Done with brutality of politics, rebel MP quits

Disenfranchised Labor backbencher Jo-Ann Miller has quit parliament, forcing a by-election in her Ipswich seat of Bundamba.

Feb 20, 2020, updated Feb 21, 2020
Labor veteran Jo-Ann Miller has quit parliament. (Photo: Source: Facebook, Jo-Ann Miller.)

Labor veteran Jo-Ann Miller has quit parliament. (Photo: Source: Facebook, Jo-Ann Miller.)


After months of speculation, Miller today rose in parliament to formally resign – effective immediately – and rule out running for Ipswich mayor. The by-election will likely be held on March 28, to coincide with council elections and the Currumbin by-election prompted by the resignation of the Liberal National Party’s Jann Stuckey.

Miller spoke only briefly in parliament before handing a more expansive resignation letter to Speaker Curtis Pitt. Tearful, Miller stumbled on her return to the backbench, embraced by nearby LNP members and, later, some Labor members. She then left the Legislative Assembly for the last time.

In her letter, the 20-year veteran paid tribute to her constituents and particularly their anti-dumping push to avoid the city west of Brisbane becoming “Tipswich”. Again claiming to be the last of her generation of Labor MPs, Miller stopped short of directly criticising the Government.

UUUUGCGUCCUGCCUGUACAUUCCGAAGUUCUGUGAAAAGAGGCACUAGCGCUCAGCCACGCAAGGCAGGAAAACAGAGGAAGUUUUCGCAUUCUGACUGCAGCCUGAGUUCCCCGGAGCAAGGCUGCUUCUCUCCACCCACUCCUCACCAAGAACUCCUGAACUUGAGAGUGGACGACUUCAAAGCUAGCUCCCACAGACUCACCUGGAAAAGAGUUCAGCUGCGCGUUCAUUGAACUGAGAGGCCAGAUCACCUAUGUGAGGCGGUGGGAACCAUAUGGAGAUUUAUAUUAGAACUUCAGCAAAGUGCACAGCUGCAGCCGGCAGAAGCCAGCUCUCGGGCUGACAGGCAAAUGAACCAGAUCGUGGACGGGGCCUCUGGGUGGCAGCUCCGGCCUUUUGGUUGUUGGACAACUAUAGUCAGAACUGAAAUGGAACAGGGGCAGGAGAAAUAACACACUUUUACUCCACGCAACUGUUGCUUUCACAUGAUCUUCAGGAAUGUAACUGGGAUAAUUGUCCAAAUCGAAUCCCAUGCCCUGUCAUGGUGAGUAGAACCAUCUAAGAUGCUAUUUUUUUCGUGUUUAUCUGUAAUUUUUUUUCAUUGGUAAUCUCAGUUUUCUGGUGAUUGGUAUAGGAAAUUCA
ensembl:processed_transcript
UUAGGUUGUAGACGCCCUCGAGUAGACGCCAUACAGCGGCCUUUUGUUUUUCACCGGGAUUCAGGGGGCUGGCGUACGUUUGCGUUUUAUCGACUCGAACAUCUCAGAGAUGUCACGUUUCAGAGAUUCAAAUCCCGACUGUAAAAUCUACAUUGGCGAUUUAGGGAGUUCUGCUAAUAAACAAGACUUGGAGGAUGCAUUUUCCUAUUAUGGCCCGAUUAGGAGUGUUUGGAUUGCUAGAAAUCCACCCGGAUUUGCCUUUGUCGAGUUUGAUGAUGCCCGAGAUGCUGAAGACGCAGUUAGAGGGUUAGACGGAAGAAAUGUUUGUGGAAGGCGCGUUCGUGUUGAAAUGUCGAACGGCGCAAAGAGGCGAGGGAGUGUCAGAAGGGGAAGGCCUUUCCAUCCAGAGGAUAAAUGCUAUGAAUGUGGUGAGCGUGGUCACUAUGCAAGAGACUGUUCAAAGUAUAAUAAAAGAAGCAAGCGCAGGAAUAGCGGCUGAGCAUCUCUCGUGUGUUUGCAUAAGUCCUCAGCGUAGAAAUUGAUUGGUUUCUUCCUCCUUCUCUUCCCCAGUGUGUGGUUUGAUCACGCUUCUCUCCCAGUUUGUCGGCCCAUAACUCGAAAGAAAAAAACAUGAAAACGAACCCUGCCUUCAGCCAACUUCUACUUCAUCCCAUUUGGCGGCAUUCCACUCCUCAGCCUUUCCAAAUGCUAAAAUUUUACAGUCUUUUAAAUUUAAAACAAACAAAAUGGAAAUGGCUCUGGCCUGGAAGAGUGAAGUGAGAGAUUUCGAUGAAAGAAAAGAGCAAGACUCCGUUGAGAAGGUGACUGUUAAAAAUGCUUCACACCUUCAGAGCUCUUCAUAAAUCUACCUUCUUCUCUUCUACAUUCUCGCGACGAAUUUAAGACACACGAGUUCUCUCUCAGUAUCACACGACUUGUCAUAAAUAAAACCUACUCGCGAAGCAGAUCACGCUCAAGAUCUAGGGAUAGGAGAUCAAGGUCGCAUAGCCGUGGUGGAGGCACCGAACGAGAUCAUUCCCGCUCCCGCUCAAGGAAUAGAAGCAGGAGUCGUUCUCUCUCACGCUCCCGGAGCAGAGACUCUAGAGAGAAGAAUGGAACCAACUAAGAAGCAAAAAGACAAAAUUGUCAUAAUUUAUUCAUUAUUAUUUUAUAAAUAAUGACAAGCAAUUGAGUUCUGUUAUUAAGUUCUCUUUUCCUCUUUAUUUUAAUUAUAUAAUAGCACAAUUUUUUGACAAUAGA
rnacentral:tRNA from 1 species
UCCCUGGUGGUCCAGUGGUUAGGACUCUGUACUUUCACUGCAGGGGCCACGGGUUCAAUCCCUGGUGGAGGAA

“But the most important legacy I believe I leave is to Tell the Truth and Shame the Devil, be honest, to fight for our values and principles and never back down,” Miller wrote.

Miller, 61, had become more outspoken after she was forced to resign from Cabinet in 2015 due to integrity issues. She recently told ABC Radio that parliament had become a lonely place and she had faced internal pressure to give up her seat.

Opposition Leader Deb Frecklington took the opportunity to ask Premier Annastacia Palaszczuk whether she would act on Miller’s allegations she had been bullied and ostracised by the governing party.

However, with Stuckey having made similar claims against the LNP, Palaszczuk instead challenged all MPs to reflect on their conduct.

“Those in glass houses shouldn’t throw stones,” Palaszczuk said in question time.

Miller also revealed that, after a recent operation to remove a tumour, she had cause to reconsider her priorities. She finished with a message to her family: “I love you. It’s your turn now. I’m coming home.”

Palaszczuk thanked Miller and Stuckey for their service to their electorates and parliament.

Bundamba is considered a safe Labor seat, however there is still strong support for One Nation in the Ipswich region. Both by-elections will test the retiree’s personal following and whether their party has been tarnished by the circumstances of their departure.


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